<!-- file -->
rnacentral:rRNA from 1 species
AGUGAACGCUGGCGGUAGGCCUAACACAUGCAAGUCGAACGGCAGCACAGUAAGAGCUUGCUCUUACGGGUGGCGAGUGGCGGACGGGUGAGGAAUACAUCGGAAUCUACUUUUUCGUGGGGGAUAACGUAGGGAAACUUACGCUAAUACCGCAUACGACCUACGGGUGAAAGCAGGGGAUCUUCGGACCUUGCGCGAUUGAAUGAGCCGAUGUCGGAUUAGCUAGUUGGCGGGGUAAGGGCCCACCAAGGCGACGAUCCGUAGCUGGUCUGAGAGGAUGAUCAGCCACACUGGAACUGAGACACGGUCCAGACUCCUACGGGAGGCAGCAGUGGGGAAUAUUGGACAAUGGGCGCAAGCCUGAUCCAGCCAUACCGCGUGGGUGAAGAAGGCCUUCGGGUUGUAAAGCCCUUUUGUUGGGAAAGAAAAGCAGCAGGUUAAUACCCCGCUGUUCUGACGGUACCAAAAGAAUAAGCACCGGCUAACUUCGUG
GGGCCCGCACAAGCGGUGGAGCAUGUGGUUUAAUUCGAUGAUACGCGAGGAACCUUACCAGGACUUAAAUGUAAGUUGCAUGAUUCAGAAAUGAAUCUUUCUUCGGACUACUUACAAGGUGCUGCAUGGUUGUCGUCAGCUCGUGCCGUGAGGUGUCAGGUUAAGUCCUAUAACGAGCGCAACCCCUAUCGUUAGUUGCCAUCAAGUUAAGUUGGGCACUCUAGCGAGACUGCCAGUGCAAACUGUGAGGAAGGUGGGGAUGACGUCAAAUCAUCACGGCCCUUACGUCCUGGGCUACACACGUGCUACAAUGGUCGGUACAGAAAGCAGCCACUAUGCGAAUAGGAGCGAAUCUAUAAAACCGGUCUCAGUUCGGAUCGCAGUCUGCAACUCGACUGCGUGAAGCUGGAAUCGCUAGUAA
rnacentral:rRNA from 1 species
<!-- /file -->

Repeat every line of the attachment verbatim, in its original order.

rnacentral:rRNA from 1 species
AGUGAACGCUGGCGGUAGGCCUAACACAUGCAAGUCGAACGGCAGCACAGUAAGAGCUUGCUCUUACGGGUGGCGAGUGGCGGACGGGUGAGGAAUACAUCGGAAUCUACUUUUUCGUGGGGGAUAACGUAGGGAAACUUACGCUAAUACCGCAUACGACCUACGGGUGAAAGCAGGGGAUCUUCGGACCUUGCGCGAUUGAAUGAGCCGAUGUCGGAUUAGCUAGUUGGCGGGGUAAGGGCCCACCAAGGCGACGAUCCGUAGCUGGUCUGAGAGGAUGAUCAGCCACACUGGAACUGAGACACGGUCCAGACUCCUACGGGAGGCAGCAGUGGGGAAUAUUGGACAAUGGGCGCAAGCCUGAUCCAGCCAUACCGCGUGGGUGAAGAAGGCCUUCGGGUUGUAAAGCCCUUUUGUUGGGAAAGAAAAGCAGCAGGUUAAUACCCCGCUGUUCUGACGGUACCAAAAGAAUAAGCACCGGCUAACUUCGUG
GGGCCCGCACAAGCGGUGGAGCAUGUGGUUUAAUUCGAUGAUACGCGAGGAACCUUACCAGGACUUAAAUGUAAGUUGCAUGAUUCAGAAAUGAAUCUUUCUUCGGACUACUUACAAGGUGCUGCAUGGUUGUCGUCAGCUCGUGCCGUGAGGUGUCAGGUUAAGUCCUAUAACGAGCGCAACCCCUAUCGUUAGUUGCCAUCAAGUUAAGUUGGGCACUCUAGCGAGACUGCCAGUGCAAACUGUGAGGAAGGUGGGGAUGACGUCAAAUCAUCACGGCCCUUACGUCCUGGGCUACACACGUGCUACAAUGGUCGGUACAGAAAGCAGCCACUAUGCGAAUAGGAGCGAAUCUAUAAAACCGGUCUCAGUUCGGAUCGCAGUCUGCAACUCGACUGCGUGAAGCUGGAAUCGCUAGUAA
rnacentral:rRNA from 1 species